Ongoing: $0 p.a.
Monthly Payment
$3,753
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Showing 15 of 15 results

What makes these loans good for first home buyers?

Most home loans are available for first-time buyers and existing borrowers who want to refinance or buy a second home. There aren't many loans that are only offered to first home buyers.

All of the loans in the table above are suitable first home buyers because:

  • They are owner-occupier loans, meaning they're not for investors.
  • We've included fixed and variable rate loans with competitive interest rates.
  • Many of the loans we've selected are available with deposits smaller than 20%.
  • They won a Finder Award (including the winner for First Home Buyer Home Loan).

See more of our monthly best home loan selections.

How to find the best home loan as a first home buyer

First home buyers, like all other borrowers, are trying to get approved for a home loan that suits their needs, without paying more than they need to.

Here's how to find the best loan for you:

  • Get a low interest rate. The lower your interest rate, the lower your repayments.
  • Decide on fixed versus variable. Variable rate loans typically offer more features and flexibility, as well as access features like an offset account (more on that in a moment). With a fixed rate loan, you have the certainty of knowing your repayments will never move up (or down) during the fixed period, but it's hard to make changes if you need to.
  • Work out your deposit size. Having a bigger deposit means your monthly repayments will be lower and it also makes it easier to get a home loan approved. Most banks want to see a deposit between 10% and 20%, although it's possible to buy a home with the First Home Loan Deposit Scheme with just a 5% deposit.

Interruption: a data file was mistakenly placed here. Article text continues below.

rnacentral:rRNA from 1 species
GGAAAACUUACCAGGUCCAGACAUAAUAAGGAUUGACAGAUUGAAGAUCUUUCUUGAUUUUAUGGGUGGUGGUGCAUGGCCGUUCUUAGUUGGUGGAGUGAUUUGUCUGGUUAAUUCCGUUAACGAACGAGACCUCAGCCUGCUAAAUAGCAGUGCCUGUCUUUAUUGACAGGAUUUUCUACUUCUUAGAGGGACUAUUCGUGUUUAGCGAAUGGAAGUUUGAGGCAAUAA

• Think about the features that matter to you. First home buyer loans are often basic home loans, without extra features like an offset account. This is fine if you're keen to get a low deposit loan with a low interest rate. But if you have extra savings to put into an offset account, consider a home loan with this feature.

Working out your costs and borrowing power

Before you can get your first home loan or even try to buy a home, you need to know how much it will all cost you. Your deposit is usually the biggest cost.

But there are many other costs to consider:

  • Stamp duty. Every property purchase attracts stamp duty, a tax charged by state and territory governments. Stamp duty can add thousands or tens of thousands of dollars to your purchase costs. Luckily, many first home buyers can get a discount or exemption if they're buying their first home.
  • Lenders mortgage insurance (LMI). The LMI premium costs thousands and is usually payable when you have a deposit worth less than 20% of the purchase price (we'll deep-dive this in a moment).
  • Inspections. While not compulsory, getting a professional building and pest inspection before buying a property is always a good idea.
  • Conveyancing. You need a legal expert to review your contract of sale (for the property purchase), check the property title is correct and represent you at settlement. The services of a conveyancer or lawyer can cost $1,000–$2,000.
  • Bank and government fees. There's a government fee to register your mortgage and your lender may charge other upfront fees, like an application fee or valuation fee.
  • Insurance. You need to take out a home insurance policy on your home before settlement occurs and you take ownership of the property. If you're buying a strata property (an apartment or townhouse), strata insurance is usually included in the strata fees and covers the building.